Setting Guidelines around relationships at work is a wise and obvious next step for employers

Setting Guidelines around relationships at work is a wise and obvious next step for employers

Recently, BRIAN KYRZANICH, CEO of Intel resigned because of a previous fully consensual relationship with a co-worker.  The affair contravened Intel’s non-fraternisation policy that applied to all managers.

The questions arise swiftly in the media. Is this fair? Is this right? Is it a ridiculous attempt to ban romance at the workplace when it is common knowledge that romance can thrive there, shown by recent surveys stating that 45% of workers had at some time dated a work colleague?

Fraternisation policies

Fraternisation policies are an acknowledgement of the complexities of romance at the workplace.

Coworkers get together and when it all works out and marriage bells chime. What is there to worry about? Nothing is the answer, but in reality there are many romances that do not travel that happy route.

Romances that start clumsily amidst a cloud of alcohol haze at the office party or on an overnight, can then be swiftly regretted, causing all sorts of atmosphere and relationship tensions on the work floor. When that romance is between a manager and one who reports to him/her, the complexities from all sides amplify.

Feedback on work performance, allocating work or annual leave, become fraught with the imperative of fairness and showing no favouritism real or perceived. Then there is the spurned lover or broken hearted one. This too has to be processed in the glare of colleagues and with the challenge of getting the work done.

An obvious next step

Setting guidelines around relationships at work is a wise and obvious next step for employers.

Some companies like Google do not have an explicit rule but do discourage relationships with an imbalance of power. Facebook on the other hand allow staff to ask each other out, but have a once only request policy, guarding against awkwardness in the ongoing relationship.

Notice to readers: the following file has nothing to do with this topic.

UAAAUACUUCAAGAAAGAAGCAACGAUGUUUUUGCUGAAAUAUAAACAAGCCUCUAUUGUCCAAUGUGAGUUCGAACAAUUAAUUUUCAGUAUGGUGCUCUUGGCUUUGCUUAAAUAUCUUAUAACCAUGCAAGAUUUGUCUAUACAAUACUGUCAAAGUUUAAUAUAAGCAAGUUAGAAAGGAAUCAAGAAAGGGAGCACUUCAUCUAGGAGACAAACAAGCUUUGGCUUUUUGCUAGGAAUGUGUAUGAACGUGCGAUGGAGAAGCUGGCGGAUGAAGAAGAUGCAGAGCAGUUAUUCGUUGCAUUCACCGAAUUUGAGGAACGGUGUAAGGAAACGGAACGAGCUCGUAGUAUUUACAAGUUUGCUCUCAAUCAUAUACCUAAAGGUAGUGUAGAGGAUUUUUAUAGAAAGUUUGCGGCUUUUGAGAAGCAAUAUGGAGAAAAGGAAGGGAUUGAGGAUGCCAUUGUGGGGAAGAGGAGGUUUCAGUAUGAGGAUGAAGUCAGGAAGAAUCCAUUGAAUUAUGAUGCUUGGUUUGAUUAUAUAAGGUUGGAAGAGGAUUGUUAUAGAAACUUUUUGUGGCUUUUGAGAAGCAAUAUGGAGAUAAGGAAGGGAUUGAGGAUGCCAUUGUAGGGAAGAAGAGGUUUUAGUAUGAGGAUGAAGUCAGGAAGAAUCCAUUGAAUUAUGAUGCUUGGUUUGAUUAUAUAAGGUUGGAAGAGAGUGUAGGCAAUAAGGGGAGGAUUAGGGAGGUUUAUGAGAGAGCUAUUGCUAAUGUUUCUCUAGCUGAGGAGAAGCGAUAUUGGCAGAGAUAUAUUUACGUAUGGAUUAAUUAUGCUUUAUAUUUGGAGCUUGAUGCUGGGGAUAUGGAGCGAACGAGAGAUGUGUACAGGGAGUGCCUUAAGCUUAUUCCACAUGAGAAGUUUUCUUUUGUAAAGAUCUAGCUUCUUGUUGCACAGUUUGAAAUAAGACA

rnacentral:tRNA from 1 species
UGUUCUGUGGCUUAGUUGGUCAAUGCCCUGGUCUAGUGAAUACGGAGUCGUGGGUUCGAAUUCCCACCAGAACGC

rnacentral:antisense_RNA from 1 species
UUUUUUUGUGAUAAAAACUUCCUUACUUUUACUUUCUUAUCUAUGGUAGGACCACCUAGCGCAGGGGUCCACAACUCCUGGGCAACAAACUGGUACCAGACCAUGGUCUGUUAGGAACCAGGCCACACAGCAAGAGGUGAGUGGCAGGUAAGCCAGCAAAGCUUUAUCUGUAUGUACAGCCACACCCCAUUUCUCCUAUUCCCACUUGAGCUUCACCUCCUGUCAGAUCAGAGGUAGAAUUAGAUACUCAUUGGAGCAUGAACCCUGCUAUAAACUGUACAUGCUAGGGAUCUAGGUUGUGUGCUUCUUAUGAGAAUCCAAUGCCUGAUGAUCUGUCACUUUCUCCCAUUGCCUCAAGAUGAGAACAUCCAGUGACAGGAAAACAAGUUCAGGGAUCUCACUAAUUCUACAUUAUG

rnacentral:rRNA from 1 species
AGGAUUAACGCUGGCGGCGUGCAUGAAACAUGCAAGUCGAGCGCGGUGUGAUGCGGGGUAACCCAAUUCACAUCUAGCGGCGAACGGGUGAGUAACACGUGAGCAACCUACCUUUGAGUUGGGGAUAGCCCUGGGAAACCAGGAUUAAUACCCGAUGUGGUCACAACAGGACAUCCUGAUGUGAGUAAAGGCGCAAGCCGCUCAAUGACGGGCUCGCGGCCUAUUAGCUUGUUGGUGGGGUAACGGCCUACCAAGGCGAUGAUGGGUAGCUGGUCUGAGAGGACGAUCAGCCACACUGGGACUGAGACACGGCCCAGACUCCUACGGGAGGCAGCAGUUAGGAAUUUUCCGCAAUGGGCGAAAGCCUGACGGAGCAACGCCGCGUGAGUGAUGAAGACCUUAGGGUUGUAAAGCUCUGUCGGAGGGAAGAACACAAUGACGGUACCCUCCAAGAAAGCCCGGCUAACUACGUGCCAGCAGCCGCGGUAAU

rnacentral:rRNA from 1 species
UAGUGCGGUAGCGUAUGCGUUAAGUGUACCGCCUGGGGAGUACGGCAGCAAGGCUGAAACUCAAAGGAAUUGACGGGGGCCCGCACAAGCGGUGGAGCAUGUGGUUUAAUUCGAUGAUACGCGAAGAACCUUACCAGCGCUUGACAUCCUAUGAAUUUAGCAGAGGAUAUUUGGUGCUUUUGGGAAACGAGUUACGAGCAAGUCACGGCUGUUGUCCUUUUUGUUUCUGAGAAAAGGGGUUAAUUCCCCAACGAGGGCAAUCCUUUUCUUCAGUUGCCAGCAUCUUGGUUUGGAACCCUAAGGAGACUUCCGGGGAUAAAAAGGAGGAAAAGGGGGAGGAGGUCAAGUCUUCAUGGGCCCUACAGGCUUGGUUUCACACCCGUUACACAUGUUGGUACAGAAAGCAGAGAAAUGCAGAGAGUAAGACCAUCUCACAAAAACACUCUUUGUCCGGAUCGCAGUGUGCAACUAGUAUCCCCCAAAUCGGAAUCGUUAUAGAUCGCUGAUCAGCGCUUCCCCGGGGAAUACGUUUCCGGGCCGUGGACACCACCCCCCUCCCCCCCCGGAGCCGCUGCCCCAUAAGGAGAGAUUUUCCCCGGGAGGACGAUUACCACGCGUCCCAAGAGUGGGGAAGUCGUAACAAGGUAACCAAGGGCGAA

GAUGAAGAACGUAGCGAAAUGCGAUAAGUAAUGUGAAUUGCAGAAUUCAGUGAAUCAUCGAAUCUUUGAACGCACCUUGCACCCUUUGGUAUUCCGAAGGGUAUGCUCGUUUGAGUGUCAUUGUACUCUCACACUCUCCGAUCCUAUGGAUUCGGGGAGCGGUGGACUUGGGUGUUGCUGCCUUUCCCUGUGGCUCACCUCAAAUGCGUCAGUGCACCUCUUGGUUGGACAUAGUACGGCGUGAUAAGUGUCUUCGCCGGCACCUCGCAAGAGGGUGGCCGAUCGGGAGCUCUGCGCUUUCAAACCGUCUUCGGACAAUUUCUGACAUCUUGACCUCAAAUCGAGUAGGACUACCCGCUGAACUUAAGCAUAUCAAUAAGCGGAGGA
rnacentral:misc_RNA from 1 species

Other companies insist on disclosure of the relationship especially if there is any conflict of interest.

Those who, in the past, suffered silently have now told their stories, shared their pain and indignity. The #MeToo movement has let it all be said. It has been cathartic and it has opened a cauldron of abusive experience within many work settings, where the balance of power was very much abused.

Cost to lives

Given the now known cost to lives and careers of harassment and the abuse of power at the workplace as exposed in the movement, we ought to welcome and encourage these policies or stop complaining.

It is worth remembering that rules and policies reflect the ethos of a company but they are also in place to reduce risk of the behaviours that can lead to legal actions.

So if we can welcome the many human resources policies around bullying and harassment, respect and dignity then fraternisation policies are a welcome addition and should not be trivialised.

Stephanie Regan is a Clinical Psychotherapist, EAPA Ireland President and a regular contributor on Newstalk.

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